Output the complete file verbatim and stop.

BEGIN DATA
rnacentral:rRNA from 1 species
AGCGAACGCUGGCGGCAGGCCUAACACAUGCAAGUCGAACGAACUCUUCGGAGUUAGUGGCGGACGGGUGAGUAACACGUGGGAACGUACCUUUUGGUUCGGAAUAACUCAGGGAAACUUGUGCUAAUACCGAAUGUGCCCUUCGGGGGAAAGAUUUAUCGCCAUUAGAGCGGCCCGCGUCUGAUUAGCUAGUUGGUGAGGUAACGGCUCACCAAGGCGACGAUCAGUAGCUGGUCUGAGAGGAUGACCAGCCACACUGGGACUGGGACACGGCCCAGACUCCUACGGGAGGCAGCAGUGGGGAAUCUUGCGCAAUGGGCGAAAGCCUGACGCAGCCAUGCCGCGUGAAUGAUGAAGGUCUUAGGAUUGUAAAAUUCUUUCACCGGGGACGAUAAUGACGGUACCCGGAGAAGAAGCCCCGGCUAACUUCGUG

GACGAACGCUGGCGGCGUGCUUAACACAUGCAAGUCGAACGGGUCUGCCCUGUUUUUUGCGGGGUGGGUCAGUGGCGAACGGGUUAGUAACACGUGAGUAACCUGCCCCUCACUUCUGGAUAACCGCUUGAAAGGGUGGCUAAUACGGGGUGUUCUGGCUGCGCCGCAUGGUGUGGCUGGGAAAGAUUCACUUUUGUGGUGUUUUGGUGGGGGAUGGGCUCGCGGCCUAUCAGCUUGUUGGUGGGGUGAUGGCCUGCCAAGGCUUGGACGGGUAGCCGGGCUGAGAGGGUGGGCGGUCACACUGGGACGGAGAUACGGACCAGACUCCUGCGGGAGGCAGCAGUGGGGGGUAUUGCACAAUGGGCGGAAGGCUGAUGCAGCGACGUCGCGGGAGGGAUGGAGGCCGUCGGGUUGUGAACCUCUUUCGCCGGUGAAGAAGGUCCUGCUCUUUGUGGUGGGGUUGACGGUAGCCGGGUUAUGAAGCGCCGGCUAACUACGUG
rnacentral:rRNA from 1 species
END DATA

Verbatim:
rnacentral:rRNA from 1 species
AGCGAACGCUGGCGGCAGGCCUAACACAUGCAAGUCGAACGAACUCUUCGGAGUUAGUGGCGGACGGGUGAGUAACACGUGGGAACGUACCUUUUGGUUCGGAAUAACUCAGGGAAACUUGUGCUAAUACCGAAUGUGCCCUUCGGGGGAAAGAUUUAUCGCCAUUAGAGCGGCCCGCGUCUGAUUAGCUAGUUGGUGAGGUAACGGCUCACCAAGGCGACGAUCAGUAGCUGGUCUGAGAGGAUGACCAGCCACACUGGGACUGGGACACGGCCCAGACUCCUACGGGAGGCAGCAGUGGGGAAUCUUGCGCAAUGGGCGAAAGCCUGACGCAGCCAUGCCGCGUGAAUGAUGAAGGUCUUAGGAUUGUAAAAUUCUUUCACCGGGGACGAUAAUGACGGUACCCGGAGAAGAAGCCCCGGCUAACUUCGUG

GACGAACGCUGGCGGCGUGCUUAACACAUGCAAGUCGAACGGGUCUGCCCUGUUUUUUGCGGGGUGGGUCAGUGGCGAACGGGUUAGUAACACGUGAGUAACCUGCCCCUCACUUCUGGAUAACCGCUUGAAAGGGUGGCUAAUACGGGGUGUUCUGGCUGCGCCGCAUGGUGUGGCUGGGAAAGAUUCACUUUUGUGGUGUUUUGGUGGGGGAUGGGCUCGCGGCCUAUCAGCUUGUUGGUGGGGUGAUGGCCUGCCAAGGCUUGGACGGGUAGCCGGGCUGAGAGGGUGGGCGGUCACACUGGGACGGAGAUACGGACCAGACUCCUGCGGGAGGCAGCAGUGGGGGGUAUUGCACAAUGGGCGGAAGGCUGAUGCAGCGACGUCGCGGGAGGGAUGGAGGCCGUCGGGUUGUGAACCUCUUUCGCCGGUGAAGAAGGUCCUGCUCUUUGUGGUGGGGUUGACGGUAGCCGGGUUAUGAAGCGCCGGCUAACUACGUG
rnacentral:rRNA from 1 species